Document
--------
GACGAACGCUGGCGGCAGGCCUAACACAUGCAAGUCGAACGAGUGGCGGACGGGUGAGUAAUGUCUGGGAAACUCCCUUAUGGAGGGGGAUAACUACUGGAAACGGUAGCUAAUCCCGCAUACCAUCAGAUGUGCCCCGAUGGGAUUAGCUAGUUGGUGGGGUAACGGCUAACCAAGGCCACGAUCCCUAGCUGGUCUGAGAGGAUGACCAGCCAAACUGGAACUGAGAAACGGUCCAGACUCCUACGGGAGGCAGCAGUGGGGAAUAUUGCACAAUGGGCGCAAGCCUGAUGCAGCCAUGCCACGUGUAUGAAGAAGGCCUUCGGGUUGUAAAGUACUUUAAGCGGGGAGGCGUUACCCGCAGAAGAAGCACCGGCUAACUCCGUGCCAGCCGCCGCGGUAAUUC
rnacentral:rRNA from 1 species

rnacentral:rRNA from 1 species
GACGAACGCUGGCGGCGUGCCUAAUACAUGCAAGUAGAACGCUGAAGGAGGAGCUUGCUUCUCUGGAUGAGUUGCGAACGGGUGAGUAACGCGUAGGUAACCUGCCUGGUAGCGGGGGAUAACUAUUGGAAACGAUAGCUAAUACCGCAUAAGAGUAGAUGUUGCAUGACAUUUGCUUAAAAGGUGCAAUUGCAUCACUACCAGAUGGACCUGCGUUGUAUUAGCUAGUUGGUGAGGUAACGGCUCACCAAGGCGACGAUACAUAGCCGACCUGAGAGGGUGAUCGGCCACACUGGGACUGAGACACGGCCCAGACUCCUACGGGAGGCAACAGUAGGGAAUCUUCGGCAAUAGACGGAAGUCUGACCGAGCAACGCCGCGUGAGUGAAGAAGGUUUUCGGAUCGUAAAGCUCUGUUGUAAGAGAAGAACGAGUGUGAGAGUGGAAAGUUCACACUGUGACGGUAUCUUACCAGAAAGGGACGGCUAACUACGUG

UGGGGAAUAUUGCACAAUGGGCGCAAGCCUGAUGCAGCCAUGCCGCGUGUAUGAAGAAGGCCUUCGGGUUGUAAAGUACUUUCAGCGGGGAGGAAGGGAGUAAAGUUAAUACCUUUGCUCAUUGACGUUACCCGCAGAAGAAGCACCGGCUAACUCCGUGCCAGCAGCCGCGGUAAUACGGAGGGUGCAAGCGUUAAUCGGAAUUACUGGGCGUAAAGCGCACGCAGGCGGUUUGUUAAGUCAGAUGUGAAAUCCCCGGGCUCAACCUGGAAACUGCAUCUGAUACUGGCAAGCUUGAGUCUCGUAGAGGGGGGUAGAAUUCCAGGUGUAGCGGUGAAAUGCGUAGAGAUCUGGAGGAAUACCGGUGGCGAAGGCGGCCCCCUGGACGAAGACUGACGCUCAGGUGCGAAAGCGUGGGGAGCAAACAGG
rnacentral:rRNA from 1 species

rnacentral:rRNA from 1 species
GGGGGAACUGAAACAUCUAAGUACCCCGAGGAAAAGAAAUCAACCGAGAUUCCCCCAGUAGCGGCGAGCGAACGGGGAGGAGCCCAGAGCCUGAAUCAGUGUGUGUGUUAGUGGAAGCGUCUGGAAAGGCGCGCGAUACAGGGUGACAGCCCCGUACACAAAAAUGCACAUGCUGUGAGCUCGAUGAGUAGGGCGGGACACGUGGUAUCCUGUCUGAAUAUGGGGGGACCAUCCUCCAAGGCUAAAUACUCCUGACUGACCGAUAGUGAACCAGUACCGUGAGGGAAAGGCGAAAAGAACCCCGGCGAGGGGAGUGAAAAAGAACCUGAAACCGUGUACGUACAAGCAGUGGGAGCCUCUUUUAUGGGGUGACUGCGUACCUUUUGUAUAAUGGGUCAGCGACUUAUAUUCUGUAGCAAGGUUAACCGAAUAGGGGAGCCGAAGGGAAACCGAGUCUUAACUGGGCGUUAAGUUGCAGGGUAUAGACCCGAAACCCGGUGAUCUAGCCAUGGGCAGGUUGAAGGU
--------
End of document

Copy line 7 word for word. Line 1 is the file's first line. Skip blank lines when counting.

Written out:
rnacentral:rRNA from 1 species